We see things so differently, I thought to myself.

My parents emigrated from North Vietnam to South Vietnam to escape communism in 1955, only to flee from that regime again 20 years later to the United States. I remembered my father saying that he had hoped that Ho Chi Minh would save Vietnam for Vietnamese rule but that the man’s communist ways also had oppressed our people and had shattered my father’s illusions.

Then there are my relatives and other Vietnamese immigrants I have interviewed as a reporter. I’ve heard their testimonies of living under the communist government. Many had been imprisoned, starved into submission, deprived of religious freedom.

To me, Ho Chi Minh remains a bogyman. To these people in front of me, he was a savior.

On the set, I was reminded of what nightmares Ho Chi Minh’s forces could be.

One night was particularly unforgettable. The cast had walked onto the central courtyard to film a scene in which the Viet Minh soldiers changed from their idealist one-with-the-village behavior to the menacing attitudes of the Viet Cong. After killing a teacher, the soldiers in black uniforms were setting fire to buildings and fanatically dancing around the bonfires as a warning of more punishment if the whole village did not obey orders.

I knew the destroyers around me were only extras acting, but my face involuntarily twisted in pain and my eyes welled up with tears. I truly feared for my safety.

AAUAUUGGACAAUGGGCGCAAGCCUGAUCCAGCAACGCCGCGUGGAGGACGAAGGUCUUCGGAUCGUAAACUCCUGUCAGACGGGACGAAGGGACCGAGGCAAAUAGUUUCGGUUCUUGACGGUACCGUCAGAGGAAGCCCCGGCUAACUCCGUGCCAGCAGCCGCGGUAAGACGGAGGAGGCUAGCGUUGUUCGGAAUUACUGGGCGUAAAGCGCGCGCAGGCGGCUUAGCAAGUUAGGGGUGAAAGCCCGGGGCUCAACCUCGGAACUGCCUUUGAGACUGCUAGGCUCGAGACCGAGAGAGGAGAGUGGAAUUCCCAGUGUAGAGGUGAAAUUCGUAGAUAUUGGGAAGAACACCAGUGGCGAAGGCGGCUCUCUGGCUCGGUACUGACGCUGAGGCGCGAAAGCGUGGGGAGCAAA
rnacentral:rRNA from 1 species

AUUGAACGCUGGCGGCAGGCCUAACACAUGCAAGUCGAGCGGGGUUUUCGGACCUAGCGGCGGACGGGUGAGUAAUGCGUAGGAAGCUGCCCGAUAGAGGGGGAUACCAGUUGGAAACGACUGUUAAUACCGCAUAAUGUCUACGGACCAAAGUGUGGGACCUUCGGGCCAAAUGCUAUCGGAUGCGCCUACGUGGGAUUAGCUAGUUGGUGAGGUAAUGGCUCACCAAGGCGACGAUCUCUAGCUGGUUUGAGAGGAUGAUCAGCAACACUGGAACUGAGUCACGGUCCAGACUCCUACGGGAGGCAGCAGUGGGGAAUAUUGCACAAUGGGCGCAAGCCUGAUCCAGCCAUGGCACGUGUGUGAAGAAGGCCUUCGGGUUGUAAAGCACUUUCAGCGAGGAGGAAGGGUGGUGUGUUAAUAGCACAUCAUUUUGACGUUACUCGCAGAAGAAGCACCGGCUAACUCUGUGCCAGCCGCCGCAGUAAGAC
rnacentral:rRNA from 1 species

Outsiders, including city dwellers like my family, did not understand until too late what the Viet Cong were doing at the root of their extensive spy network: scaring many peasants into allegiance.

Even after the Phung family had two sons fighting for the Viet Cong, its officers still raped the youngest child, Le Ly, and later threatened to kill her mother.


I’ve been frustrated for years at books such as Frances FitzGerald’s “Fire in the Lake,” which seemed sympathetic to the Viet Cong as supposed rescuers of my birthplace from foreign invaders.

But now the Viet Cong government is in Vietnam and I’m here in the United States, where Hayslip still is considered by many in the Vietnamese American community to be a communist.

The reasons they cite are that she once served in a Viet Cong cadre and that her nonprofit group East Meets West builds hospitals in Vietnam because she works tightly with the current regime. This same group is also anti-normalization because it believes that helping the communist government will encourage it to continue to restrict human rights. That’s not the picture I got when I returned to Saigon this time last year, after filming in Thailand was done.

Since we were already in the country next door, I went to the place renamed Ho Chi Minh City. Relatives there told how life has improved in the last five years as trade ties with other countries have improved.

They now can listen to Voice of America on the radio without being punished. They actually have money to fix up their homes instead of worrying about the next meal. And to attract tourists and businesses, the government has renovated buildings, allowed women and girls to wear again the traditional dress ao dai (which communists once banned because it was bourgeois) and invited international phone companies in to hook up communication lines with the rest of the world.

But what was sweetest to me was that the word Saigon is printed on all postcards next to Ho Chi Minh City .

I felt I had lived two lifetimes. For the movie, there was the hell created by war. Then I visited what that hell has become. Although there still are problems and restrictions in Vietnam, what I saw was a promise of what could be if the nation were given a chance.

Others might not trust Hayslip, but I like how she ranks the welfare of the Vietnamese people over politics. It’s only by working together with our former enemies that wars are won.